I remember my mother uttering that aforementioned phrase to me as a chubby teenager. This wasn’t her first time lecturing me about taking initiative. Of course, as with most teenagers, it went in one ear and out the other. I just wanted to be happy with the skin I was blessed in.
Before I continue, please know that this isn’t your typical before and after, I went from not to hot fitness story. It’s sooo much deeper than that. With that said, let me take it back to the beginning.
As you can see by my mother’s attire, this pic wasn’t taken yesterday. I was born on January 25th, 1986 in Jackson, Tennessee. As you tell by my legs, I was a chubby baby. My mother said she had no idea why I was getting fat until my aunt, who use to babysit me, told her that she fed me “real food” whenever I started whining. Gerber baby food didn’t satisfy my raging appetite.
Besides my aunt, another person who gave me food when I whined was my dad. Being his first and only child—my mother’s only child too—he made sure that I got whatever I desired. Besides toys and Nintendo games, the main thing I wanted was food! If I wanted ice cream, he got it for me. If I wanted pizza, he got it for me. Pretty much any bad food that you can think of, he got it for me upon request. No wonder I was a chunky baby!
“Give me one pushup and I will buy you a Sprite.”…
One of my older cousins offered this bet to me when I was ten years old. In Jackson, he is regarded as one of the best high school football players of all time. Even though his playing days were over, he still was in tip-top shape.
During the Super Bowl game of that year, he bet me a Sprite—my favorite soda as a kid—if I could give him one pushup. Just one! Did I accomplish such an easy physical feat? No sir/ma’am! I went down for the pushup, but was unable to come up. It felt like somebody put a ton of bricks on my back.
I was so embarrassed that I almost cried. My cousin looked at me with a stern face and said, “Crying won’t do anything about you not being able to do one pushup. You just got to get in shape.” Another potent thing that he said was Emmitt Smith and the other football players don’t drink sodas, they drink water. This experience stuck with me ever since, motivating me whenever I don’t feel like going to the gym. My road to finding fitness has just begun.
“Hey Marcus. Whatever you decide to do in life, make sure you do it to the fullest.”…
This is some of the last words my father uttered to me. He died a few months later in December 2002. After he and my mother divorced in 1991, his life kind of spiraled out of control. I remember visiting him for the weekends from 1991 to about 1994. Suddenly, I was unable to go visit him anymore. My mother told me that he became ill, thus would be unable to watch after me. When I got older, I learned what made him so sick—his unhealthy lifestyle.
My father had always been a skinny guy. Looking at old photos of him and my mother back in the 1970s, his afro was nearly bigger than his body! My father was a hardworking man who provided for my mother and me. He worked at Proctor & Gamble, while earning additional income as a car mechanic and electrician. He was the jack-of-all-trades—except when it came to his health.
Recalling stories from my mother, dad had his vices. His three main vices were alcohol, cigarettes, and drugs. I’m still unsure—nor do I care to know—what drugs he indulged in. Yet, what I did witness was his heavy alcohol and cigarette usage.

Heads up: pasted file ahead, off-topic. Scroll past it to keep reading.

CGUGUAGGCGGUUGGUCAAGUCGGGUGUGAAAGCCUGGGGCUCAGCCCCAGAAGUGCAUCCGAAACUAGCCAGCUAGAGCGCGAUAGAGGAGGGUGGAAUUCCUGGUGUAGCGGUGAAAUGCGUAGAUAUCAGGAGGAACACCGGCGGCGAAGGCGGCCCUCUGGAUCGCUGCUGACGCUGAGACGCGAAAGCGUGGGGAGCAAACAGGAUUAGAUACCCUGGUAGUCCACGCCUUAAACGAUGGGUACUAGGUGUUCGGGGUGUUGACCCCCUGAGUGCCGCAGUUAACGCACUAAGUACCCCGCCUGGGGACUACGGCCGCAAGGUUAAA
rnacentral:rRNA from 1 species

I remember visiting him one time over at my late grandmother’s house around 1998—keep in mind that I haven’t seen him since 1994. I noticed two things that really disturbed me—he gained a ton of weight. I never seen my father as an overweight man, yet he appeared to put on at least one hundred pounds.
Secondly, there was a pile of cigarettes sitting in a large ashtray. The sight of those cigarettes made my stomach churn—not because my dad allegedly smoked all those cigarettes, but because of the after-smell of them. If there is one thing I wish had never been invented, it would be cigarettes, a.k.a. cancer sticks. Those things cause so many people to die prematurely.
Visiting him planted a seed in my head; I don’t want to end up like that. That summer, I played basketball, baseball—even though I hated it—and football to shed some weight. I also was a member of the Boys & Girls Club. Being a chubby kid wasn’t cutting it anymore.
“Basketball is my favorite sport…I like the way they dribble up and down the court.” —Kurtis Blow from his song “Basketball”
The one sport I loved playing the most is basketball. Football is my favorite sport to watch, but having my brain caved in never appealed to me. I had a small basketball court in my backyard. Growing up, my friends would come over to my house and shoot hoops.
When I was shooting basketball by myself, I use to emulate all my favorite basketball players: Allen Iverson, Michael Jordan, Penny Hardaway, and several others. I always saw myself as a person that was destined for greatness. I thought my ticket to greatness was being a pro ball player. Unfortunately for me, I only grew to be five-foot-six—five-foot-seven with high-top shoes on—so my NBA aspirations were quickly dashed.
While my hoop dreams didn’t come to fruition, one thing that it did bring me was physical fitness. Playing basketball throughout high school helped me shed weight and get stronger. By my senior year, I could do over thirty pushups and I drank water most of the time. My older cousin was so proud of me! The most important thing it helped me do is overcome the death of my father. Without basketball, I would have went crazy!
“Marcus, you got to get on these weights so you can attract these college girls.”…
Another cousin of mine uttered this to me after seeing a flock of girls swoon over a muscular football player. He was helping me and his twin brother move into our dorm rooms during our freshman year of college. To this day, his comment resonates with me. Not to get too in-depth with my love life, but I wasn’t quite the ladies’ man that I envisioned myself to be. Entering college, I only had sex once.